Are there performance reasons (or other reasons) to prefer idx (from intarray) over array_position to find the position of an integer in a list of integers?

I ask because we've used idx since before array_position was added to Postgres. It would be nice to use the built-in function rather than relying on the intarray extension, if there is no performance penalty.

Very informal benchmarking suggests it's comparable. PostgreSQL version is 13.5.

  • "list of integers"? You mean actual arrays, right? Also (always) disclose your version of Postgres. Commented Mar 18, 2022 at 0:12
  • @ErwinBrandstetter Apologies for my poor grasp of the terminology. Indeed, I mean arrays. Noted that I should always include the PG version. Currently at 13.5.
    – Henrik N
    Commented Mar 18, 2022 at 10:21
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    Please always put extra information asked for in comments into the body of the question itself - makes like easier than scrolling through comments! Question edited!
    – Vérace
    Commented Mar 28, 2022 at 16:34

1 Answer 1


There are multiple more or less subtle differences. Some become obvious from looking at the description in the manual:

The manual about idx():

idx ( integer[], item integer ) → integer

Returns index of the first array element matching item, or 0 if no match.

The manual about array_position():

array_position ( anycompatiblearray, anycompatible [, integer ] ) → integer

Returns the subscript of the first occurrence of the second argument in the array, or NULL if it's not present. If the third argument is given, the search begins at that subscript. The array must be one-dimensional. Comparisons are done using IS NOT DISTINCT FROM semantics, so it is possible to search for NULL.

  • If not found, idx() returns 0, but array_position() returns null.

  • idx() cannot handle null at all. intarray as a whole disallows arrays with null values. So it also makes no sense to search for it, you always get null when searching for null.
    array_position() allows null.

  • Unlike idx(), array_position() allows an offset in the search as 3rd parameter. So you can iterate through arrays to find one match after the other. idx() can never find elements past the first occurrence. (intarray is mostly optimized to deal with sorted, unique array elements.)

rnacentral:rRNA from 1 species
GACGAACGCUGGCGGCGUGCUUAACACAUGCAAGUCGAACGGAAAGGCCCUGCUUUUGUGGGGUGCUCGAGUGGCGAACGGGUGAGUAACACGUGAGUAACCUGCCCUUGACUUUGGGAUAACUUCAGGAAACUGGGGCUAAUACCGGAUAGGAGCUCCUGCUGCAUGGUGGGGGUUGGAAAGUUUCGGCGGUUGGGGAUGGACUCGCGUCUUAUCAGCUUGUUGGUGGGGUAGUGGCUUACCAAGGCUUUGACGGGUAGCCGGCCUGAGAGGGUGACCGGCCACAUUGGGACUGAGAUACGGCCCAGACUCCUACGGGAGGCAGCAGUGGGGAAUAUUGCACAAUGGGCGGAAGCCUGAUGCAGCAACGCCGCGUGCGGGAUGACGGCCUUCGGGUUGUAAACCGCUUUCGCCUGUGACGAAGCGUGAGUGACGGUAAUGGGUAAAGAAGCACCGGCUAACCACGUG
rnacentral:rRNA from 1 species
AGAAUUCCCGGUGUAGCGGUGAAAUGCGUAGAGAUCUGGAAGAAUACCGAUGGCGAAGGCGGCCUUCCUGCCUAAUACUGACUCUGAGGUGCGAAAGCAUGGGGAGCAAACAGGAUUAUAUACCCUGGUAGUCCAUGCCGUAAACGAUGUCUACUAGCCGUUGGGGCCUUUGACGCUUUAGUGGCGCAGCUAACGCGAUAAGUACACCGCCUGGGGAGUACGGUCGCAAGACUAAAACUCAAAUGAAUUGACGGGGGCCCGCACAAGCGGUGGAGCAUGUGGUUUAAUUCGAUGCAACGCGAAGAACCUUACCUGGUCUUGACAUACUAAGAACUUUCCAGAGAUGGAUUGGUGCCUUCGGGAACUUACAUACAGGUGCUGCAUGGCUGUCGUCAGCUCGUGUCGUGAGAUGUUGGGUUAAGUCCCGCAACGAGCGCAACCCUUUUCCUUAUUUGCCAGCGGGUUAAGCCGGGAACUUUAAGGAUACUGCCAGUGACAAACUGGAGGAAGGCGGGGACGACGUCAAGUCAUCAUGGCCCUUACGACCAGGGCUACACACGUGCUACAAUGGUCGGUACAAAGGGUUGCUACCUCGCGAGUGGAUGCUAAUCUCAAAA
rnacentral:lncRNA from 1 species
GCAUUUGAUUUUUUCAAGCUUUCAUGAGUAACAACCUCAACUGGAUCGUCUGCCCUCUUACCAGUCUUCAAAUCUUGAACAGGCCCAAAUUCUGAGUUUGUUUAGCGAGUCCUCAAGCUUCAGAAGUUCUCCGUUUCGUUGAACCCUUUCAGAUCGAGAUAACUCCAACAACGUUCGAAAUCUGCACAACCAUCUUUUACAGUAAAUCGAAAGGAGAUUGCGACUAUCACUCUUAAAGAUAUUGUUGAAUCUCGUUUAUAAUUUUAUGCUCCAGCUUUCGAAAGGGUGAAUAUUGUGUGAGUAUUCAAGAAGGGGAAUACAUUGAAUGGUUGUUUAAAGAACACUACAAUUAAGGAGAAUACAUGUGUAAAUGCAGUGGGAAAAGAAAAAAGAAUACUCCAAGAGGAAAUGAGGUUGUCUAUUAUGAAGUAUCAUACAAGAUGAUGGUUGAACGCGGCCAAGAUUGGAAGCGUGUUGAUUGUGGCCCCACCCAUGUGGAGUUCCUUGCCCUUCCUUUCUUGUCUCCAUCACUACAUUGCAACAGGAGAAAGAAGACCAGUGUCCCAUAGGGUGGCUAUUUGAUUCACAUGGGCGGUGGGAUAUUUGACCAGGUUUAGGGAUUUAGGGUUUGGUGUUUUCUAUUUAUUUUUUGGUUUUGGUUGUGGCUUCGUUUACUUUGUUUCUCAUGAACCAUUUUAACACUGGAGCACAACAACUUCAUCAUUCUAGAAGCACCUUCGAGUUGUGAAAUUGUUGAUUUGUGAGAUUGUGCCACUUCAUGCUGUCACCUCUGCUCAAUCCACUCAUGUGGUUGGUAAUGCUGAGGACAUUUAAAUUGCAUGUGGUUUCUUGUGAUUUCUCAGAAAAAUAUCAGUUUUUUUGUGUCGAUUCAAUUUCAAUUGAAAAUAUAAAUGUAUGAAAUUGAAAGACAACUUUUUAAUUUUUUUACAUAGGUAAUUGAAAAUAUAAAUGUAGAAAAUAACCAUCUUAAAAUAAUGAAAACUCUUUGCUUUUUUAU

• OTOH, idx() accepts multi-dimensional arrays (treats them as flat), while array_position() does not.

  • Non-standard array subscripts are ignored by idx() (generally bypassing array dimensions and subscripts), but honored by array_position(). So results can differ for seemingly equivalent, simple expressions! It's best to stick with standard array subscripts, but one must be aware of possibilities. See:

  • array_position() takes polymorphic arguments, so it works for any array type, while idx() works for integer exclusively. There are pros and cons to either. idx() is faster with function type resolution, and will never be confused with different types, but it's limited to integer: integer or die.

All the added versatility of array_position() comes at a price. Most importantly, array_position() uses IS NOT DISTINCT FROM semantics to handle null values, and that is substantially more expensive. This leads to the possibly most important difference:

  • idx() is much faster and scales much better with long arrays.
    (Your "very informal benchmarking" mislead you somehow.)

db<>fiddle here - demonstrating all.

  • This is a fantastic answer – thank you so much! I learned a lot. The examples in the fiddle will help me benchmark better in future :)
    – Henrik N
    Commented Mar 18, 2022 at 10:23
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    @HenrikN: I added one more sneaky difference with non-standard array subscripts. Commented Mar 18, 2022 at 16:44
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    I revisited the informal benchmarking – basically, (and I should have made this explicit) that was through the ORM we use, with various overheads that erased differences on the order of 15 vs 2 ms as seen in the fiddle. My conclusion is that the performance benefit of idx is not an important factor for our specific situation – but since we are working with lists of integers and don't need the flexibility of array_position, it still seems the most appropriate choice.
    – Henrik N
    Commented Mar 24, 2022 at 15:56

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